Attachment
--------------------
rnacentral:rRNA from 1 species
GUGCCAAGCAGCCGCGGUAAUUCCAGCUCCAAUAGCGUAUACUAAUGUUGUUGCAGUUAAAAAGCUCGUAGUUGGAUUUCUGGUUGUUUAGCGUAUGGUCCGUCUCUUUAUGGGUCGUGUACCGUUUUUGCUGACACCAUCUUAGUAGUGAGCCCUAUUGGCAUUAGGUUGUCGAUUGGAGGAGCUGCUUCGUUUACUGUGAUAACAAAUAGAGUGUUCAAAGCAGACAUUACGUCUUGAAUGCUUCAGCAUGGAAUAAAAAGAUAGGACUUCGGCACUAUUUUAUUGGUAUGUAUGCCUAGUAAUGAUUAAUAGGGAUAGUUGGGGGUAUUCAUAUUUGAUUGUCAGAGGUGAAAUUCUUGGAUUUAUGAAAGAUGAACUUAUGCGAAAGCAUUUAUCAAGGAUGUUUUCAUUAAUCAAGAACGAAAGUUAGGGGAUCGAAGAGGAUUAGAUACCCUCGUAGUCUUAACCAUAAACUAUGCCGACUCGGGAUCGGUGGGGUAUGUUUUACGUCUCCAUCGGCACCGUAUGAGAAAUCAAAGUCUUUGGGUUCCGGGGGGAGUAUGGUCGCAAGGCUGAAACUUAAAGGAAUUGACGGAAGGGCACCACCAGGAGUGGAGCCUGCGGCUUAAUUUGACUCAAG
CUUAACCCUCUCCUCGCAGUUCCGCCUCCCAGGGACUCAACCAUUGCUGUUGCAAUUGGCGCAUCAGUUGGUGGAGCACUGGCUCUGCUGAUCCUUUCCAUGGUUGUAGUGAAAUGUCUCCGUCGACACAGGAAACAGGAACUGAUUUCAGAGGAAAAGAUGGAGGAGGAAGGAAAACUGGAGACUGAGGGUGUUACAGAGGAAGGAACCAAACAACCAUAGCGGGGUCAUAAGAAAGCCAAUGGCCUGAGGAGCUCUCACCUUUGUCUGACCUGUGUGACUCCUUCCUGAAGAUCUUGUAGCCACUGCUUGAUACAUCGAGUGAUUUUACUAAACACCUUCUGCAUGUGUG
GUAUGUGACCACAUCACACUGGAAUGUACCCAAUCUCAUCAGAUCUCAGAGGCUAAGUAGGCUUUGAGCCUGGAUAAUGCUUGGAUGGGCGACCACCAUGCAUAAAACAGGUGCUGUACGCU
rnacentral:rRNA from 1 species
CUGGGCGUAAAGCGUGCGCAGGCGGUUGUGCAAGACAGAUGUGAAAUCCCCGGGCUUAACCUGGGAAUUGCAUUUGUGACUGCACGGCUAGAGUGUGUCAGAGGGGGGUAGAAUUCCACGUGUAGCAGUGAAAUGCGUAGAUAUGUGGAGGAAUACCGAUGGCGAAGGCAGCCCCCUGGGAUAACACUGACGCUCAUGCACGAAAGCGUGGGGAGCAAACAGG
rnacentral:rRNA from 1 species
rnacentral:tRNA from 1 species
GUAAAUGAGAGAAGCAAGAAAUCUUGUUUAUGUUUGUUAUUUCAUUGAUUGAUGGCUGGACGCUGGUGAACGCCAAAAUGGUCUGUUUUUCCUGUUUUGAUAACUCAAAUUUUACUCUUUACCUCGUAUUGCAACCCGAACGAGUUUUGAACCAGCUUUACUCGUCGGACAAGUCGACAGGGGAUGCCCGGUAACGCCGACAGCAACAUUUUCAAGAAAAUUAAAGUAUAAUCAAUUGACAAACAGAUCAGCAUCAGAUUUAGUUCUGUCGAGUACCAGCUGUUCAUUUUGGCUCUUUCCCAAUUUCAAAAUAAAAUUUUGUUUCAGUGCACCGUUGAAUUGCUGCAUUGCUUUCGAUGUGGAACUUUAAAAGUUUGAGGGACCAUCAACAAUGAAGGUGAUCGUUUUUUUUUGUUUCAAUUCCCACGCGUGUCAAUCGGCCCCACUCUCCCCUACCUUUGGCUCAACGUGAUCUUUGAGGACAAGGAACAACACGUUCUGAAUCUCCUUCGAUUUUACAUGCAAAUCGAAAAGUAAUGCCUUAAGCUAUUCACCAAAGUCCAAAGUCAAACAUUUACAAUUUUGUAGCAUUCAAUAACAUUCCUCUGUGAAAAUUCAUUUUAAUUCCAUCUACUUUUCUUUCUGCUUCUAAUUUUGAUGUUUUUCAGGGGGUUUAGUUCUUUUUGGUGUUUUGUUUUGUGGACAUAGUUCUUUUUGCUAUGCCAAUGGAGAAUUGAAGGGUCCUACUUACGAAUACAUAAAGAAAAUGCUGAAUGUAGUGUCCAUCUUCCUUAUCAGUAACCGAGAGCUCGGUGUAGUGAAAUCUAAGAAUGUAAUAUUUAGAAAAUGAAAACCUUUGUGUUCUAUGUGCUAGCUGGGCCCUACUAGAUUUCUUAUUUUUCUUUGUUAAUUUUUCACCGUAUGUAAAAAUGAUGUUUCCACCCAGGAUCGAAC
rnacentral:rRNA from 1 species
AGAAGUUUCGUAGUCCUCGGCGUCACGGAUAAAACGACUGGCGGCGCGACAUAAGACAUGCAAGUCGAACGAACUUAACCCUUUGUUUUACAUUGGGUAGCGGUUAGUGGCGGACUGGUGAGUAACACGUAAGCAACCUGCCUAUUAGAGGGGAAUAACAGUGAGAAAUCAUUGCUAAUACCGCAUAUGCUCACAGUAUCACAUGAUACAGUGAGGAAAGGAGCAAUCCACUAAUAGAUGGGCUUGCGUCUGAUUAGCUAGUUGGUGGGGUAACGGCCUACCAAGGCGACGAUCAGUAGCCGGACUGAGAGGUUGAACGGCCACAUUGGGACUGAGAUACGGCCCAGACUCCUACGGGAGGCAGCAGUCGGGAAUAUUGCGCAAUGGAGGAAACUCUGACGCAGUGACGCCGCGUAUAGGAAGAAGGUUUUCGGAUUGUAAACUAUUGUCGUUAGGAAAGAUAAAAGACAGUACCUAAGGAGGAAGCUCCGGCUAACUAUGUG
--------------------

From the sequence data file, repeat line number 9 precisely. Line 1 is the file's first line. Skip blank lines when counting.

GUAAAUGAGAGAAGCAAGAAAUCUUGUUUAUGUUUGUUAUUUCAUUGAUUGAUGGCUGGACGCUGGUGAACGCCAAAAUGGUCUGUUUUUCCUGUUUUGAUAACUCAAAUUUUACUCUUUACCUCGUAUUGCAACCCGAACGAGUUUUGAACCAGCUUUACUCGUCGGACAAGUCGACAGGGGAUGCCCGGUAACGCCGACAGCAACAUUUUCAAGAAAAUUAAAGUAUAAUCAAUUGACAAACAGAUCAGCAUCAGAUUUAGUUCUGUCGAGUACCAGCUGUUCAUUUUGGCUCUUUCCCAAUUUCAAAAUAAAAUUUUGUUUCAGUGCACCGUUGAAUUGCUGCAUUGCUUUCGAUGUGGAACUUUAAAAGUUUGAGGGACCAUCAACAAUGAAGGUGAUCGUUUUUUUUUGUUUCAAUUCCCACGCGUGUCAAUCGGCCCCACUCUCCCCUACCUUUGGCUCAACGUGAUCUUUGAGGACAAGGAACAACACGUUCUGAAUCUCCUUCGAUUUUACAUGCAAAUCGAAAAGUAAUGCCUUAAGCUAUUCACCAAAGUCCAAAGUCAAACAUUUACAAUUUUGUAGCAUUCAAUAACAUUCCUCUGUGAAAAUUCAUUUUAAUUCCAUCUACUUUUCUUUCUGCUUCUAAUUUUGAUGUUUUUCAGGGGGUUUAGUUCUUUUUGGUGUUUUGUUUUGUGGACAUAGUUCUUUUUGCUAUGCCAAUGGAGAAUUGAAGGGUCCUACUUACGAAUACAUAAAGAAAAUGCUGAAUGUAGUGUCCAUCUUCCUUAUCAGUAACCGAGAGCUCGGUGUAGUGAAAUCUAAGAAUGUAAUAUUUAGAAAAUGAAAACCUUUGUGUUCUAUGUGCUAGCUGGGCCCUACUAGAUUUCUUAUUUUUCUUUGUUAAUUUUUCACCGUAUGUAAAAAUGAUGUUUCCACCCAGGAUCGAAC